Three years after the extended re-release of her debut ‘Chaleur Humaine’, Christine & The Queens are back with her second studio album ‘Chris’. The album offers an interesting exploration into androgyny and sexuality, and in doing so what appears to me to be a subtle, yet poignant, critique of the ‘pop star’ stereotype.
After looking briefly into the mastermind behind it all Heloise Letissier’s background (in addition to quite obviously being French), it comes as no surprise that she is a thespian. Touched upon in the first album, ‘Chris’ is named after her male alter-ego and looking at the album artwork you can see a Letissier who looks decidedly more masculine.
The aptly named opener ‘Comme ci’ really does set the tone for the rest of the album. It’s a firm grasp of the hand which gives you a taste of what is to come; a trip inside the mind of ‘Chris’.
‘Girlfriend’, featuring American funk artist Dam Funk, was undoubtedly the perfect choice for the album’s single. The track is an amalgamation of all of the genres Letissier taps into over the course of the album, showcasing a focus on 80s inspired funk and synth pop. The clean lead vocals coupled with multi-tracked hushed harmonised backing vocals makes for a sexy single which I believe sums up ‘Chris’ perfectly.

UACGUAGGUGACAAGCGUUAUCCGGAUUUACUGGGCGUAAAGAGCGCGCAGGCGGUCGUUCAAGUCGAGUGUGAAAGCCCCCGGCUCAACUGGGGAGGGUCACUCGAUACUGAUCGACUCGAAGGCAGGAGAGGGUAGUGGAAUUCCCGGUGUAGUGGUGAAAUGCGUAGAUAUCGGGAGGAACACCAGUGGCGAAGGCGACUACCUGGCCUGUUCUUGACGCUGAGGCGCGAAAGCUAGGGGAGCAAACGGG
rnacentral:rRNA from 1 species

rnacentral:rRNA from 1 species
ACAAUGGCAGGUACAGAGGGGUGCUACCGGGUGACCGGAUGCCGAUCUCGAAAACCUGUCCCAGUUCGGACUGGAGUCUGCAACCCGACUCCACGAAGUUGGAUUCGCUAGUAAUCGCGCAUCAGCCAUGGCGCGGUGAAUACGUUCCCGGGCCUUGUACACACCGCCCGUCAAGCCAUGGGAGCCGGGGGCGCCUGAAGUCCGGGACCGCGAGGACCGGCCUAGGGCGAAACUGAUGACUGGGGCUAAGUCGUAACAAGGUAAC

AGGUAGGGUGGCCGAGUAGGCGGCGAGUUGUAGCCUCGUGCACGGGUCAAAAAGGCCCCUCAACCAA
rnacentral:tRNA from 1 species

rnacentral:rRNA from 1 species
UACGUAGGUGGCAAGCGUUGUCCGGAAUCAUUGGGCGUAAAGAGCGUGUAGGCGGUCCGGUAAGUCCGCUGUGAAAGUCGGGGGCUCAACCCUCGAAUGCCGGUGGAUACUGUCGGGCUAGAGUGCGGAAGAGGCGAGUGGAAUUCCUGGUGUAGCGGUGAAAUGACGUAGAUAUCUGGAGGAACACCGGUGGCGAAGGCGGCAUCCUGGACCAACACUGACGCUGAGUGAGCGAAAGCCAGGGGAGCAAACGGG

There is also a clear electronic influence laced throughout the album. ‘Goya Soda’ harnesses an ambient electro pop vibe, with ‘Feel So Good’ adopting an almost old school R&B feel, peppered with speech and samples which actually left me in mind of Salt-N-Pepa’s, ‘Push It’.
There is no denying that Letissier is an exceptional vocalist which ‘Chris’ undoubtedly, and quite rightly, showcases. In some of the more stripped back tracks such as ‘The Walker’ and ‘What’s-her-face’, Letissier gets to show off her vocals without as many distractions, offering an almost welcome break from the overwhelming upbeat tone the album exudes.
In terms of criticism, the only thing I could really say is some people may find the album a bit ‘samey’. However, sometimes we can be a bit too quick to assume this as a negative critique. I think an album with a firm direction and identity in a case like ‘Chris’, should actually be commended. The album’s subject matter itself is concerned largely with the issue of self-identity and empowerment, therefore, the fact the album has such a strong direction is very much in-keeping with its content making for a final product which not only sounds gorgeous, but has real purpose.
‘Chris’ almost certainly succeeds in its stride to be something different. Yes, many other artists may have alter-egos and yes, Chris is no Ziggy. However, unlike artists who have tried to follow in Bowie’s footsteps in more recent times, Letissier’s character is far less confused than many. Clearly drawing on her theatrical background, after listening to this album, you not only know who Letissier is, but also know who Chris is as an individual disposition.
Disappointingly pop is now widely considered a largely manufactured copy-cat genre which many now consider constitutes as ‘bad’ music. Letissier has recaptured the idea of real artistry in the genre with ‘Chris’, creating a stunning album which is way more than just a sound and takes us back to the 80s to remind us what real pop music should be like.